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willbrawn's avatar

Are there any professional photographers on fluther?

Asked by willbrawn (6614points) July 22nd, 2008 from iPhone

I ask because I am working on my skills as a photographer both with taking pictures and editing them. Do you have any advice? Suggestions that may help me in the future. If you want to see what i’ve done so far let me know. I started a small blog with some pics posted. Thanks for your help.

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15 Answers

jlm11f's avatar

i believe KnotmyDay is a professional photographer

PupnTaco's avatar

BronxLens is a photographer.

bassist_king1's avatar

I wouldn’t mind seeing some of your pics. I’m not a professional, but I can still take some pretty good pictures. I took photography at school and at camp, so I know a bit about cameras. Have you took any courses or classes or anything? What techniques do you know?

rockstar's avatar

I have been doing photography for a long time, but I wouldn’t say I am a professional….still learn stuff everyday. If you have a good place to take courses (local community college, photography store) in your area I would start with that. Then just start reading magazines and talking with other photographers in your area. Oh, and practice as much as you can

Seesul's avatar

I’ve taught at college level and done professional portrait photography as well. You are lucky to be in a digital age, where film cost, etc. are not an issue, as practice and observation, and critique are the best ways to advance. rockstar has some great advice.

It’s also great to go to online sites and observe whenever you have the time, and at least once a day, to make it a habit.

There are many great sites out there where you can get positive, feedback. State what your goals are on the site, that you are open to criticism and really want to learn.

My favorite is fotothing, which is a British based site. You can download 5 photos a day for free. It has a friends feature that you can link to photographers that you like and is very interactive. The homepage is buzzing with current photos as wll.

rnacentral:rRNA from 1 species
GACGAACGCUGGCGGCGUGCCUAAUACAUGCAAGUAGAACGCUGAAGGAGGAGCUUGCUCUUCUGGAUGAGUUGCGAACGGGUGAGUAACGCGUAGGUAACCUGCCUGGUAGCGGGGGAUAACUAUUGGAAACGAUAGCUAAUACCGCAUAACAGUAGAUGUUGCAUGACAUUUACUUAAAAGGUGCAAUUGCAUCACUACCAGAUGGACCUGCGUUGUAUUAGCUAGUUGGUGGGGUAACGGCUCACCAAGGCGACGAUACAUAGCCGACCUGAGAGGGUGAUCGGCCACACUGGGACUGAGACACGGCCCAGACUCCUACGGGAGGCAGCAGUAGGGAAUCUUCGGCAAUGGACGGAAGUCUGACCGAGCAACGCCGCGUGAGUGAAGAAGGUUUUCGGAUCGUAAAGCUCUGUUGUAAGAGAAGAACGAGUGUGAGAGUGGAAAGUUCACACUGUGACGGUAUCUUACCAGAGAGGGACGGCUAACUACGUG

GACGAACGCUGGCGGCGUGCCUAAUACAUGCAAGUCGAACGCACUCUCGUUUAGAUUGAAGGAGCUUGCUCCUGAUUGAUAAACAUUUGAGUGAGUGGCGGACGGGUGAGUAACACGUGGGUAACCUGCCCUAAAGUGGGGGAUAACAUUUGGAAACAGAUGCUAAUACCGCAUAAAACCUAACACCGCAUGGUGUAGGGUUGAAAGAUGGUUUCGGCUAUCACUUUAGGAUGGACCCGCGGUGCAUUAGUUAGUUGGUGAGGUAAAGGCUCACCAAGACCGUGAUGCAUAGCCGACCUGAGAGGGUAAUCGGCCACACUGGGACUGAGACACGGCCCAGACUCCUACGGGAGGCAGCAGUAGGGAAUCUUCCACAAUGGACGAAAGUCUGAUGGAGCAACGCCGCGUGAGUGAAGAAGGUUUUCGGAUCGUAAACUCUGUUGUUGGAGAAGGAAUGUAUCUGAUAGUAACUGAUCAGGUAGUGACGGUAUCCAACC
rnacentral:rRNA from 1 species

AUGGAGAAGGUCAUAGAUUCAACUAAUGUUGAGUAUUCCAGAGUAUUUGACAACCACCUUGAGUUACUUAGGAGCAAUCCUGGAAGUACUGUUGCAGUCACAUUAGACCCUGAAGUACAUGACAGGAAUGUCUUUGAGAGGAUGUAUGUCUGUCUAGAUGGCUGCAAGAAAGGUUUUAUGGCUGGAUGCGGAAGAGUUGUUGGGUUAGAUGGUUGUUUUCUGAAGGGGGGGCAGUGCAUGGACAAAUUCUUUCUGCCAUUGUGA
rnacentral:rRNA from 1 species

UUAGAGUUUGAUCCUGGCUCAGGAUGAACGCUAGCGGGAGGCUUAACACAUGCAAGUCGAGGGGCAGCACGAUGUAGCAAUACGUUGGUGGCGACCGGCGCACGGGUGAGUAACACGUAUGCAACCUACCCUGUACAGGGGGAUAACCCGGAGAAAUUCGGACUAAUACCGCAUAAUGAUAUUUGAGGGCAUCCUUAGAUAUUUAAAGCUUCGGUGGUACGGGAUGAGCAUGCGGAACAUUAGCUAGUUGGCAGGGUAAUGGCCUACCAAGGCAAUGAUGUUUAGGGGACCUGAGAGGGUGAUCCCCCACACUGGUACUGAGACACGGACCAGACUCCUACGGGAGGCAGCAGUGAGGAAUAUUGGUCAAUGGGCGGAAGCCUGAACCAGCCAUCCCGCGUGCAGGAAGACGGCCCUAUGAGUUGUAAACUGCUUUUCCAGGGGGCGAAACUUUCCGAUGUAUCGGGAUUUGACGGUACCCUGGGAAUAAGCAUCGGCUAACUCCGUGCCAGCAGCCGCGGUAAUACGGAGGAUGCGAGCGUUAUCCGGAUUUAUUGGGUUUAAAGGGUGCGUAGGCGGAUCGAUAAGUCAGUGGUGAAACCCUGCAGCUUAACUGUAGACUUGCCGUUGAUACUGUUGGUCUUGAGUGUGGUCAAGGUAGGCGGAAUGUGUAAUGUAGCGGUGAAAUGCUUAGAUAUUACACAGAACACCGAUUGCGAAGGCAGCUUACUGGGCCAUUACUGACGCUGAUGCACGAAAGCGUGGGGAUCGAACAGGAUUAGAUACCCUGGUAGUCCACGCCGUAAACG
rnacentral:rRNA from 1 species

I’m sure other will have some other sites to suggest to you as well.

I also recommend some design courses, which will give you a better “eye” as well. Shoot both thinking and spontaneously as well. I’ve got to warn you, it’s an addiction, but a great one. Best wishes!

willbrawn's avatar

here is my blog. I’m new to photography in general. Critique away please Willbrawn.

BronxLens's avatar

I’m sure there are ;) For beginning, get a hang on some of the basic basics

The best way to sharpen your eye is by taking photographs consistently. As often at time allows you (after a shoot, after the day is over) review them. You can be a very good critic of your own photos: Did you compose with the rule of thirds (or not – the are times when breaking rules brings not only satisfaction but also a very cool image. Did you compose feeling the frame with people’s faces or do you find yourself fitting people head-to-toe into the frame? Are all your images taken from eye level? Could you have found a better & higher vantage point or perhaps squatted down – particularly effective when doing photography of children or small pets.

Get a grasp of the three variables that you can control: shutter speed, ISO and aperture

Look at the work of great photographers (old and modern ones). The trick is not to look at their work with passive eyes, as if watching TV (oh, look how pretty, moving, grotesque, etc) but to use inquisitive eyes: On a portrait that you like, where does the light seem to come from ? Is there more than one source of light? Does the photo appear to be candid or is the subject posing? Could the photo be improved by cropping any given portion? Is color the best way to render this image or is black&white a better one?